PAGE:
Once mortal enemies, two Vietnamese now live in peace
In the last days before the fall of Saigon, Nguyen Thanh Trung was a pilot with a mission to bomb the Presidential Palace and United States Embassy. Thirty years later, his ambition is to pilot the first direct Vietnam Airlines flight to the United States.
Nguyen Huu Co was a general in the last South Vietnamese Cabinet and, after the war, spent 12 years in a communist labour camp, surviving on a few mouthfuls of rice a day and an occasional sliver of meat. Now, at 81, he’s off to Omaha, Nebraska, to see his granddaughter graduate from college this month.
One ended up a hero and the other endured defeat, yet their parallel lives provide a resoundingly upbeat note for their country as it marks 30 years since the end of the Vietnam War on April 30.
They live less than tw kilometers apart in Saigon, renamed Ho Chi Minh City after the communist founding father. They are on friendly terms, speak good English, and in separate interviews say they have no regrets—that they chose their side and still stick by the ideals that drove them to fight each other so long ago.
Co, a former South Vietnamese defense minister, was recalled to the Cabinet on April 29, 1975—just one day before communist tanks crashed through the gates of the Presidential Palace in Saigon.
Arrested and sent to a camp to be re-educated as a communist, he was forced to cut trees in the jungle while his wife knitted clothing for sale to feed their 11 children.
In the camp, officials would tell the inmates “that the Soviet Union would rule over the world and capitalism would disappear,” Co recalled, sitting at his kitchen table wearing a T-shirt with a Washington, DC logo. Thin and bald, he remains sharp and steady, still walking a mile (1,6 kilometres) every morning.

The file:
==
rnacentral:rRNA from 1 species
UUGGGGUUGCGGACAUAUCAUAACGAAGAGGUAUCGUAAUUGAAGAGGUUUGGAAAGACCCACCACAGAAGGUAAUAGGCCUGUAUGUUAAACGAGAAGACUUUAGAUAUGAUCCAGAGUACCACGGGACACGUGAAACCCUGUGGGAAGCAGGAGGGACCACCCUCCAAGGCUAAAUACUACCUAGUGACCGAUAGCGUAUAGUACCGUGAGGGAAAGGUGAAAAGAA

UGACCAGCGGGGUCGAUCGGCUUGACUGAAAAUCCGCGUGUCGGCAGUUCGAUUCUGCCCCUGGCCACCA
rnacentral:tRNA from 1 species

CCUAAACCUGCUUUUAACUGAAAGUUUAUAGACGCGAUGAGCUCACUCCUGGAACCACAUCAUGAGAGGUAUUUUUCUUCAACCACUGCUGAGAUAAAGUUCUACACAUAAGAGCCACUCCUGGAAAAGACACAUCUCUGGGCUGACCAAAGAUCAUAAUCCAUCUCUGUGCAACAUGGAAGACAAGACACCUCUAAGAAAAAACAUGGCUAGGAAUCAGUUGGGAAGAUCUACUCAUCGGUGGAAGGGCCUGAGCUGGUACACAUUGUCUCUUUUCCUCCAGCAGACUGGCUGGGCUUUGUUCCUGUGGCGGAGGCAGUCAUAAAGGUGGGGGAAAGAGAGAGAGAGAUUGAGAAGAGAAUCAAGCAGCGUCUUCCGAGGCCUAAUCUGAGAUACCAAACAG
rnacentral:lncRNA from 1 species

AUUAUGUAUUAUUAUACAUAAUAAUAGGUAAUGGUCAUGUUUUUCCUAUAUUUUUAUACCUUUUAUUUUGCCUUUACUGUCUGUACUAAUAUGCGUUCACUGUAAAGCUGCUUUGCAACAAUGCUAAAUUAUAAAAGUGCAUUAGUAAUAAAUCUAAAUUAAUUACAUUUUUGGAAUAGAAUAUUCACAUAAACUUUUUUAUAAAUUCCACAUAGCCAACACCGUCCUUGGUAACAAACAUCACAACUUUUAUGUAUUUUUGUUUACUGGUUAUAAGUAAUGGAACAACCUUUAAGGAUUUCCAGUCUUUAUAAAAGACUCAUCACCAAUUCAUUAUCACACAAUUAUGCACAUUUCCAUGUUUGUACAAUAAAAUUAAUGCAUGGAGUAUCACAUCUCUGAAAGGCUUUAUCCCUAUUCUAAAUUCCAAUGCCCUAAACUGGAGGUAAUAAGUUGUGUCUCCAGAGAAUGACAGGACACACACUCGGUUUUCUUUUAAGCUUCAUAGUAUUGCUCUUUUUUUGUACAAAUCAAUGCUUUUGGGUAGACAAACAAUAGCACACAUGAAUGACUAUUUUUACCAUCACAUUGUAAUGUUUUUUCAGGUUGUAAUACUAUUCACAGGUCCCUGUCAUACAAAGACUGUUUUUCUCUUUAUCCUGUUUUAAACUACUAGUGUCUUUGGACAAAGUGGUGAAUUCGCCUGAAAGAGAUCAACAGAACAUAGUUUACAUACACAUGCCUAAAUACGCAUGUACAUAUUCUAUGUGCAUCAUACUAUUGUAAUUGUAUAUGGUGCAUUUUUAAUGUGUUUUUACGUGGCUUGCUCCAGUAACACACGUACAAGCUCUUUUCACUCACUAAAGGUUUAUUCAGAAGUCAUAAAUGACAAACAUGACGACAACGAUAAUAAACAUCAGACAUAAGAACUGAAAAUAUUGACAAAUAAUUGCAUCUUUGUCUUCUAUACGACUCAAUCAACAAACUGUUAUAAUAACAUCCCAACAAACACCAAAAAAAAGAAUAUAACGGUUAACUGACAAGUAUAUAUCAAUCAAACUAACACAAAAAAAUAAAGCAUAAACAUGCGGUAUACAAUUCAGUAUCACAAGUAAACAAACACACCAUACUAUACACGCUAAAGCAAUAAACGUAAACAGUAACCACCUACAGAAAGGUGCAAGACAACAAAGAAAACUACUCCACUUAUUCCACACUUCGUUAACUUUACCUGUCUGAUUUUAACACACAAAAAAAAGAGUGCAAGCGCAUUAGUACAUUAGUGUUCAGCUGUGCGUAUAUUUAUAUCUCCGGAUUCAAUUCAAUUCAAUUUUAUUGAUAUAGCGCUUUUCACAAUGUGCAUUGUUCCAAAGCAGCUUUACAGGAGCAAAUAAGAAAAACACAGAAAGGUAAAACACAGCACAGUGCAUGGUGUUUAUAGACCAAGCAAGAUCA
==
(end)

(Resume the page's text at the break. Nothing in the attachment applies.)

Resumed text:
Trung’s story is more complicated. As a US-trained pilot flying F-5E fighters in the South Vietnamese Air Force, he dropped hundreds of bombs on Viet Cong strongholds. But he was in fact a communist agent whose father had been killed by South Vietnamese forces in 1963. He had been planted in the air force by the North Vietnamese for the specific task of bombing the palace and embassy when so ordered.
That day finally came on April 8, 1975.
His first two bombs missed the palace, but the second two went through its roof. However, that left him with nothing to drop on the US Embassy. He landed on a communist-occupied airstrip just north of Saigon and was reunited with his comrades before going on to bomb Saigon’s Tan Son Nhat airport days before the city fell.
His motivation, he said, was always “to stop the war ... save the blood, save the people on both sides.”
Since then, Vietnam has been through rigid communism, isolation from the West, US sanctions, a huge refugee exodus, a border war with China and an invasion of Cambodia to topple the murderous Khmer Rouge.
But that was another Vietnam. Today, the streets are filled with young people chatting on cell phones and riding shiny motorbikes, with foreign tourists taking snapshots of old tanks and planes on public display. The official ideals remain socialist, but the nation’s instincts are capitalist and the economy is open to the world.
The atmosphere makes it easier for old enemies to reconcile. Six years ago Co met Trung by chance in the Presidential Palace, and the pilot took the general on a tour, pointing out the red circles marking where his bombs fell. They continue to meet occasionally, but prefer to avoid politics and talk about the future.
After the war, Trung endured years of poverty, sometimes living on uncooked rice grains and raw potatoes. He says he could have kept his communist identity secret and fled to America like other South Vietnamese officers. But “I had to stay with my country because I love my country.”
Today, at 58, he is vice-president of Vietnam Airlines, the national carrier. Trained to fly Boeing 777s, he hopes to pilot the maiden commercial flight from Ho Chi Minh City to San Francisco this year.
His youngest son is in Australia, also learning to be a pilot.
Co also could have gone to America, but it would have meant leaving his large family behind.
He and his wife of 57 years live in a comfortable house, and two daughters in America send them money every month. Co never adopted communism, and says he’s pleased to see how the capitalist system he served 30 years ago is emerging in the Vietnam of today.
Vietnam’s advances, however, do not include multi-party elections or free speech. In Co’s view, that should be the next objective. “In other countries surrounding Vietnam, like Thailand, there is already freedom and democracy,” he said.—Sapa